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Come then, and, added to thy many crowns,
INTRODUCTORY REMARKS ON THE STUDY OF
Ir is painful to contemplate the inconsistencies of even pious minds concerning Divine Revelation. Many who formally assent to the truth, “ All Scripture is given by inspiration of God, and is profitable for doctrine, for reproof, for correction,
for instruction in righteousness," do in effect deny it. Some are not ashamed to assert that the rule of Christian conduct is contained in the New Testament alone; and, acting on the principle they avow, altogether neglect the Old. Yet it was this very portion of revelation which Christ enjoined the Jews to search, as testifying of Him, and which he commends to our careful consideration by his frequent quotations from it.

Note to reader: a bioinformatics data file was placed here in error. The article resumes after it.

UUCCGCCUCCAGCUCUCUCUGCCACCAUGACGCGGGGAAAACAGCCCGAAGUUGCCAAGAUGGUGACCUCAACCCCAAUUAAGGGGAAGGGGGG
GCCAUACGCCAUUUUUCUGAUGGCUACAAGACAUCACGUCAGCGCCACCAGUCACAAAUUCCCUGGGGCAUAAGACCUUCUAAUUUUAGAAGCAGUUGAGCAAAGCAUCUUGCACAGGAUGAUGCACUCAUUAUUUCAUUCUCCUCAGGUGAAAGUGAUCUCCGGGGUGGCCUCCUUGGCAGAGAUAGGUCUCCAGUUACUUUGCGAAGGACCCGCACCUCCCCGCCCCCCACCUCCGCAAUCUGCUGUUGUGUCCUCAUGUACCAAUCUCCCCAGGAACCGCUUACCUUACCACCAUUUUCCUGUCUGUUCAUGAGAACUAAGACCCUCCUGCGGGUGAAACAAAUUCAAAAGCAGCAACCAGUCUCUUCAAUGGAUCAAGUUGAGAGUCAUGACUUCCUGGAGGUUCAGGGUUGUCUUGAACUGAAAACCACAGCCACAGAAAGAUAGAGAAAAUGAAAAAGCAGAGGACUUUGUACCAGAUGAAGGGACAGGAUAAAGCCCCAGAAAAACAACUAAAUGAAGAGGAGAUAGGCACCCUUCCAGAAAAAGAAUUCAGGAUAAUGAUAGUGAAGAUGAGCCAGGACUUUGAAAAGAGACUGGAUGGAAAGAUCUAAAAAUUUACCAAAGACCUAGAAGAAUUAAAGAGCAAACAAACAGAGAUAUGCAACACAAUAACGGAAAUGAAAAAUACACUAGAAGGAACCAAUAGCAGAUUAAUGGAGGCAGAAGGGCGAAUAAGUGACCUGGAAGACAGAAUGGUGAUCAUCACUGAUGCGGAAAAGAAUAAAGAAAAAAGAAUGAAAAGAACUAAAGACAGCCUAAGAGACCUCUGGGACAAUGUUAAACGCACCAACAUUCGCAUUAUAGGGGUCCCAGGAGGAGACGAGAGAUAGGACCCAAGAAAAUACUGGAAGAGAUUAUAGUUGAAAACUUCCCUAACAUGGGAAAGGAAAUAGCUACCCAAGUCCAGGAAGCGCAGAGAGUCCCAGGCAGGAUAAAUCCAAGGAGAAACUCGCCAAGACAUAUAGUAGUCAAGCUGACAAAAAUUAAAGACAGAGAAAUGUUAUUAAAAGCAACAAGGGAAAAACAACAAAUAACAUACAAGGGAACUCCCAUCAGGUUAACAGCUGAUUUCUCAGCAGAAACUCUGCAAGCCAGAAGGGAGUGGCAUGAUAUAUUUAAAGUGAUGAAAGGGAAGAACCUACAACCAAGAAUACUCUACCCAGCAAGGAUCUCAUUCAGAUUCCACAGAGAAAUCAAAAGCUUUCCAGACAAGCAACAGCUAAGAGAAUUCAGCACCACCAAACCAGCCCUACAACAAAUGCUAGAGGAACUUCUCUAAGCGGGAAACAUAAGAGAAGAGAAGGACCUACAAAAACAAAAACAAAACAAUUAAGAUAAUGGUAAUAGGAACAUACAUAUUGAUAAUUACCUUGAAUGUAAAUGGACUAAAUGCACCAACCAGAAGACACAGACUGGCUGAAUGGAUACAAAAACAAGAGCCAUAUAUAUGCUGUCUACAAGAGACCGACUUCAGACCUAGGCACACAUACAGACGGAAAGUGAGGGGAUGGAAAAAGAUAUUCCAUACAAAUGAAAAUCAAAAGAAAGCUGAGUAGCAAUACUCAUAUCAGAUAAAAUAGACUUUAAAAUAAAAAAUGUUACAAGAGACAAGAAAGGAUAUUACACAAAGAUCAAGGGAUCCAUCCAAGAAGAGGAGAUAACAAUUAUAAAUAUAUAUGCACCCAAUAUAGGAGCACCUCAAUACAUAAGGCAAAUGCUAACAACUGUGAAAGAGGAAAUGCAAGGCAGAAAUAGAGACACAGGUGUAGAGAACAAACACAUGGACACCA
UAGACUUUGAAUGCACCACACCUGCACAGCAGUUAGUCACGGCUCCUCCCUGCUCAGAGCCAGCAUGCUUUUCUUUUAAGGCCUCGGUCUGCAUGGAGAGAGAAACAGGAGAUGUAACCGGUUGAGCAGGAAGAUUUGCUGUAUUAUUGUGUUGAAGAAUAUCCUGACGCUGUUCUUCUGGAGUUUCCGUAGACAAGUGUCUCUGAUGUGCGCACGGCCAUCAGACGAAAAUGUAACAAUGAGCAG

Convinced that such utter neglect of any part of God's word must be criminal, others obey in form the Savior's injunction, while they forget its spirit. They read without seeking sufficiently to understanıl: they search not for its meaning as for hid treasure. Thus, much of Heaven's precious gift is regarded as of little value, and many of its unfulfilled prophecies, especially, have become in a great measure a dead letter. Indeed, the opinion had long and almost universally prevailed, that it was alike useless and impious to attempt to with
draw the veil of mystery which overhangs the revelation of events still future; and although more correct ideas now partially obtain, exhortations to the obvious duty of prophetic inquiry are still occasionally met by the undutiful evasion, " It is presumptuous to pry into the secrets of God." There are, doubtless, mysteries, the full knowledge of which is far beyond the reach of human ken, and into which it would be sinful curiously